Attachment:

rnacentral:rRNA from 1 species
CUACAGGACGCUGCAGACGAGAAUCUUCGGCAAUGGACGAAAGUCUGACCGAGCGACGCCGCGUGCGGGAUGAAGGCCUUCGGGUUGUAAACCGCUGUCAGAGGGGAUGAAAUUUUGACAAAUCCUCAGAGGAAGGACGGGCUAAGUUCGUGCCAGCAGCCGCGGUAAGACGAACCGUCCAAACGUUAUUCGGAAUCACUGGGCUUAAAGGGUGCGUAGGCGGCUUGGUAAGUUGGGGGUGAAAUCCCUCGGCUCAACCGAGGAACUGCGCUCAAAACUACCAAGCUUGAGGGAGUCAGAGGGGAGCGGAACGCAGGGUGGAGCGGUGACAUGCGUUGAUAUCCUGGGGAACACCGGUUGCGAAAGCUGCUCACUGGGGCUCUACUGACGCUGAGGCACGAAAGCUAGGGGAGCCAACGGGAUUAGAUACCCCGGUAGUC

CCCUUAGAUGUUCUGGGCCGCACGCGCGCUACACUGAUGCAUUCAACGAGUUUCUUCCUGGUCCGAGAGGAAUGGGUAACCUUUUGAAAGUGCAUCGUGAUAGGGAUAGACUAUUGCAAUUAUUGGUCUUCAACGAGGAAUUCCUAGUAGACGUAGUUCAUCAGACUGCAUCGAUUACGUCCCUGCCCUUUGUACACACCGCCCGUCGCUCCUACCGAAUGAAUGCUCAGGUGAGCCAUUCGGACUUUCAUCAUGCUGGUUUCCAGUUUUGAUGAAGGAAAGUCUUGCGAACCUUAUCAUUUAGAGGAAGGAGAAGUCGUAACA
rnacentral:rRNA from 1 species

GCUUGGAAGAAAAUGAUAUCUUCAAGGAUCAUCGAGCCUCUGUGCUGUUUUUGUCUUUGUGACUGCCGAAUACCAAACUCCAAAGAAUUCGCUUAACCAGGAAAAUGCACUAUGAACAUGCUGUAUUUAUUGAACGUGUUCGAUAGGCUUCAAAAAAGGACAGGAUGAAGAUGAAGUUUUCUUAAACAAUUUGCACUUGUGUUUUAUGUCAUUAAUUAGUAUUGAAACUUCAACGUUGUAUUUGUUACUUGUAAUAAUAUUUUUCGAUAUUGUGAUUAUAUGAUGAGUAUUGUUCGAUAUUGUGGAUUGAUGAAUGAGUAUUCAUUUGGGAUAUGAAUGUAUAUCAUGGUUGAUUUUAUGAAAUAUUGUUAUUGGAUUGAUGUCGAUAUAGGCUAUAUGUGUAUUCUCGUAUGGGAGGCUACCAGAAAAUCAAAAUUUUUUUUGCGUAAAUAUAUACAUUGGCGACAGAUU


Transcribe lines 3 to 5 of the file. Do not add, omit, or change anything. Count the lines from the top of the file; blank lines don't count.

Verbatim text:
CCCUUAGAUGUUCUGGGCCGCACGCGCGCUACACUGAUGCAUUCAACGAGUUUCUUCCUGGUCCGAGAGGAAUGGGUAACCUUUUGAAAGUGCAUCGUGAUAGGGAUAGACUAUUGCAAUUAUUGGUCUUCAACGAGGAAUUCCUAGUAGACGUAGUUCAUCAGACUGCAUCGAUUACGUCCCUGCCCUUUGUACACACCGCCCGUCGCUCCUACCGAAUGAAUGCUCAGGUGAGCCAUUCGGACUUUCAUCAUGCUGGUUUCCAGUUUUGAUGAAGGAAAGUCUUGCGAACCUUAUCAUUUAGAGGAAGGAGAAGUCGUAACA
rnacentral:rRNA from 1 species

GCUUGGAAGAAAAUGAUAUCUUCAAGGAUCAUCGAGCCUCUGUGCUGUUUUUGUCUUUGUGACUGCCGAAUACCAAACUCCAAAGAAUUCGCUUAACCAGGAAAAUGCACUAUGAACAUGCUGUAUUUAUUGAACGUGUUCGAUAGGCUUCAAAAAAGGACAGGAUGAAGAUGAAGUUUUCUUAAACAAUUUGCACUUGUGUUUUAUGUCAUUAAUUAGUAUUGAAACUUCAACGUUGUAUUUGUUACUUGUAAUAAUAUUUUUCGAUAUUGUGAUUAUAUGAUGAGUAUUGUUCGAUAUUGUGGAUUGAUGAAUGAGUAUUCAUUUGGGAUAUGAAUGUAUAUCAUGGUUGAUUUUAUGAAAUAUUGUUAUUGGAUUGAUGUCGAUAUAGGCUAUAUGUGUAUUCUCGUAUGGGAGGCUACCAGAAAAUCAAAAUUUUUUUUGCGUAAAUAUAUACAUUGGCGACAGAUU